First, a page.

Pruitt: Chaney is a “Good Teacher,” Martin is “First Class”

    by -

    RTI contributor Robert Hughes is the author of this article 

    Coaching searches are no stranger to Knoxville, Tennessee. The most recent one revolved around men’s basketball head coach Rick Barnes, and it technically wasn’t even a search for a new coach.

    Barnes is coming off of a season in which he tied the single-season program record for wins with 31, and he helped lead the Vols to their first Sweet Sixteen appearance since 2014. Oh, and he won Naismith Coach of the Year, too.

    All of these accolades led to talks with UCLA to potentially become the Bruins’ next head coach. Barnes ultimately, however, opted to stay in Knoxville. For Tennessee fans, it was a wild, anxiety-filled couple of days.

    Tennessee also just recently ended a nearly two-week search for the next head coach of the Lady Vols. After parting ways with Holly Warlick, Tennessee Athletics Director Phillip Fulmer chose former Lady Vol and Missouri State head coach Kellie Harper to be the next head coach of the historic women’s basketball program at UT.

    Going back to January, Tennessee was conducting coaching searches for its football program. Head football coach Jeremy Pruitt was looking for a new offensive coordinator and was also in the market for another assistant. Both of those searches resulted in the hiring of former Tennessee quarterback Tee Martin to coach wide receivers and former Vols offensive coordinator and interim head coach Jim Chaney to, once again, be the offensive coordinator at the University of Tennessee.

    If Pruitt’s comments are any indication, Tennessee’s athletic department made the right choice with those hires. At least based on their first few months on the job.

    “I think Jim [Chaney] is a very good teacher,” Pruitt said on Tuesday. “He’s really demanding.”

    Perhaps the best indication of Chaney’s teaching abilities comes from how well his offense is able to learn a new playbook and implement his system fairly quickly. According to Pruitt, the offense is learning at such at a fast pace that “you couldn’t tell it was a new system.”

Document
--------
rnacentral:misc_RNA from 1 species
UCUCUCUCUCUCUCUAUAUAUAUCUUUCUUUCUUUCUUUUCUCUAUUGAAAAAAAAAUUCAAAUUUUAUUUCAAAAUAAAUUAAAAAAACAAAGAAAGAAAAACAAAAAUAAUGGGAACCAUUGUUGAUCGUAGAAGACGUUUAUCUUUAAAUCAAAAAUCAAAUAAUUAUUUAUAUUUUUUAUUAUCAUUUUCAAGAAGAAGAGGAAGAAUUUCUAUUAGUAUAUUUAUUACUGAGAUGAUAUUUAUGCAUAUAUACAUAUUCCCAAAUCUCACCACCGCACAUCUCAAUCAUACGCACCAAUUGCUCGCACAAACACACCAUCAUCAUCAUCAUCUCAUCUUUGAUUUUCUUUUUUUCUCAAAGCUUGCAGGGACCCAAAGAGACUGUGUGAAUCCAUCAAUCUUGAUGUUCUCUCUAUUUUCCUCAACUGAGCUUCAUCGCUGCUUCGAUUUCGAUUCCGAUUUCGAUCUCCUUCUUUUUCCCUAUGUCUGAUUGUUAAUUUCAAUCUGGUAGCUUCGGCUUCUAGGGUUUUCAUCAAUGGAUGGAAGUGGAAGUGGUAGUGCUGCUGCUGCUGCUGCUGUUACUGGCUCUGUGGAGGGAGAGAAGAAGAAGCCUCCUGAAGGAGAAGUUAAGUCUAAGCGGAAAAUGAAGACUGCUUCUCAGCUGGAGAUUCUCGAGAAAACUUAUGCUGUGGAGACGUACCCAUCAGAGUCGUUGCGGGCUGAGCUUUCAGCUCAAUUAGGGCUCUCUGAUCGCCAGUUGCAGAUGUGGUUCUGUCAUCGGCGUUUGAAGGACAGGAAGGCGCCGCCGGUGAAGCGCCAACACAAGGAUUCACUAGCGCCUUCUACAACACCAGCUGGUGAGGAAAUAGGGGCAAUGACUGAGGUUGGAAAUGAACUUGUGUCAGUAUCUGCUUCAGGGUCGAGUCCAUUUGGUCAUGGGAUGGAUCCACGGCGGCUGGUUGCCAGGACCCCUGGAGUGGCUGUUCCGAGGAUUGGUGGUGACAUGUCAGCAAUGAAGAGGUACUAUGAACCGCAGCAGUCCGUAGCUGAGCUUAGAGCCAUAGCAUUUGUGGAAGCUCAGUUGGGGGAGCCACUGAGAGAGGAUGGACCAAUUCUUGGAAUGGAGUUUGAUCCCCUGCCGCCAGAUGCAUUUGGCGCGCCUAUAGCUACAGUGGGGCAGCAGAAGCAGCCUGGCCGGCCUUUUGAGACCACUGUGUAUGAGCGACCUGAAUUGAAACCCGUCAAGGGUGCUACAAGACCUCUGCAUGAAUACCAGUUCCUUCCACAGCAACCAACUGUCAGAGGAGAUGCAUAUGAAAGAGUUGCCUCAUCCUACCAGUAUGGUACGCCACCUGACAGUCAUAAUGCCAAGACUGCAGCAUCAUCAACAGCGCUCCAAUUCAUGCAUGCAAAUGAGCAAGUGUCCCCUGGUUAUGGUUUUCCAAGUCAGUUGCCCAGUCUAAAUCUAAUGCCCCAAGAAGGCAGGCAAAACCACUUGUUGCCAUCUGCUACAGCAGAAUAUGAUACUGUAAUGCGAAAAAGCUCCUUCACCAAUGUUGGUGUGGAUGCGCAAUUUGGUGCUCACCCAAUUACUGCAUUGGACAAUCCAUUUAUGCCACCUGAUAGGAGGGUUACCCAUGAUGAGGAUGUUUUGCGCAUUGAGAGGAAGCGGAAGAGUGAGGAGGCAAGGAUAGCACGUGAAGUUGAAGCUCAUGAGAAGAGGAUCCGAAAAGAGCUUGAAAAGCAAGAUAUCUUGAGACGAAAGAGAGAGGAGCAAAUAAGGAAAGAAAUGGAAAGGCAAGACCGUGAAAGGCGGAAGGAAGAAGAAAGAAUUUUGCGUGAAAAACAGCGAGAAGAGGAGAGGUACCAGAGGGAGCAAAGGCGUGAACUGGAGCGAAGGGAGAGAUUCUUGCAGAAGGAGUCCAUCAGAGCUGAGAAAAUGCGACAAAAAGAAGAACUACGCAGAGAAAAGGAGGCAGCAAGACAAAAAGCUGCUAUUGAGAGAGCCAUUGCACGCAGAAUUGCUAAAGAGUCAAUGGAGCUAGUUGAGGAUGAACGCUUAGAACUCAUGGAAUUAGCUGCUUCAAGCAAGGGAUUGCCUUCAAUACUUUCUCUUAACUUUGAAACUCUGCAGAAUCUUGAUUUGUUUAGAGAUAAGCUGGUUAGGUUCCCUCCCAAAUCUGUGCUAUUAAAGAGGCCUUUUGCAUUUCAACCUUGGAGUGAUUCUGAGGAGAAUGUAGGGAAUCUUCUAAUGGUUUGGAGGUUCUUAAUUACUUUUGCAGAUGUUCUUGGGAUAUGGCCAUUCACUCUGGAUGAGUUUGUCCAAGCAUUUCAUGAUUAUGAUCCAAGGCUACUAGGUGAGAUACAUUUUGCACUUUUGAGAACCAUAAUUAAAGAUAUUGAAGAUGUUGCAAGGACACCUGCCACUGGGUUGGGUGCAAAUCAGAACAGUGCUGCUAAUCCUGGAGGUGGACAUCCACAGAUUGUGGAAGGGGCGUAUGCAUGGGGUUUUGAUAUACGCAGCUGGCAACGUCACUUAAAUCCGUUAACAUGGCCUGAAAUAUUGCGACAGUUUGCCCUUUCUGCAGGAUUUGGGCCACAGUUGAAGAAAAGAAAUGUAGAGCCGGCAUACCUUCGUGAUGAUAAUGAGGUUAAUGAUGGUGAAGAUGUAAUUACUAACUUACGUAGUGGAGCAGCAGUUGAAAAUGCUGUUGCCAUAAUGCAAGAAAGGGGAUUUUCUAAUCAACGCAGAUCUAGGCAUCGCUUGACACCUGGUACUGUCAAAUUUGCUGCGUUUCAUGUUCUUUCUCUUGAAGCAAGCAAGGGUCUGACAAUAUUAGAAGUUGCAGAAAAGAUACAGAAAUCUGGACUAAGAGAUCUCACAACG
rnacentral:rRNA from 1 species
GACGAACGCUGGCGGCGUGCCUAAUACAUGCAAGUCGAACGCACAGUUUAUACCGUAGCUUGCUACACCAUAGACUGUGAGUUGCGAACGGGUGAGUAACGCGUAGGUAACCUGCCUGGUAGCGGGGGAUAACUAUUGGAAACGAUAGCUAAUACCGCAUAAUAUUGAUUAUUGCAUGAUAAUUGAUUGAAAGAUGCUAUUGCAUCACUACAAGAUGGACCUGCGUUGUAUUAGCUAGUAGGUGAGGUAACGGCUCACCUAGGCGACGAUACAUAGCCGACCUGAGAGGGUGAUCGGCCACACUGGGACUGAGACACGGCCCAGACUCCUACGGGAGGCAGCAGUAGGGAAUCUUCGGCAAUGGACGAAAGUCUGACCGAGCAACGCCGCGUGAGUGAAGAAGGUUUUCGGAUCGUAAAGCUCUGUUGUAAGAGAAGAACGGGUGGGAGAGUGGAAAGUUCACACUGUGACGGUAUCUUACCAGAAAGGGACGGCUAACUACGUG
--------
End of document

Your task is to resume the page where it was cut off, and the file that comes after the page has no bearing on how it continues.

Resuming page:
Pruitt notes that Chaney’s position of offensive coordinator gives him an advantage in practice. Because Chaney is not coaching a specific position group, he is free to work with several groups during the course of practice and can roam around.

    Tee Martin, however, works specifically with the wide receivers. Under the direction of Martin, the wideouts have seen “a lot of improvement” according to Pruitt. As for Martin’s coaching and recruiting style, Pruitt was particularly complimentary.

    “I’ve recruited against Tee for a very long time, and he’s first class,” Pruitt explained. “He does it the right way. He builds great relationships with the players and family.”

    Martin was named the 247Sports Recruiter of the Year in 2016 and was a semifinalist for the Broyles Award — the award given annually to college football’s top assistant coach — in 2017. Pruitt coached and recruited against him both at USC and at Kentucky.

    Although Martin is in his first year as a coach at Tennessee, Pruitt believes Martin’s past offenses indicate a bright future for the Vols. Martin served as offensive coordinator at USC before coming to Tennessee, and he’s also coached at Kentucky and New Mexico as well as at the high school level in Atlanta.

    “The offenses that [Martin] has been in charge of have been very successful,” Pruitt said. “If you look at the guys that he particularly coaches, the wide receivers at USC, there have been guys that have been very productive.”

    Martin has helped develop 11 NFL Draft selections at USC and Kentucky, including current NFL wide receivers JuJu Smith-Schuster, Nelson Agholor, Marqise Lee, Robert Woods, and Randall Cobb. Tennessee has a lot of talent at receiver this year, and Martin’s influence should be seen in the coming months.

    Vol fans can get a taste of the new coaches’ styles on Saturday at the annual Orange and White Game at 6 p.m. ET. The game will be televised on the SEC Network.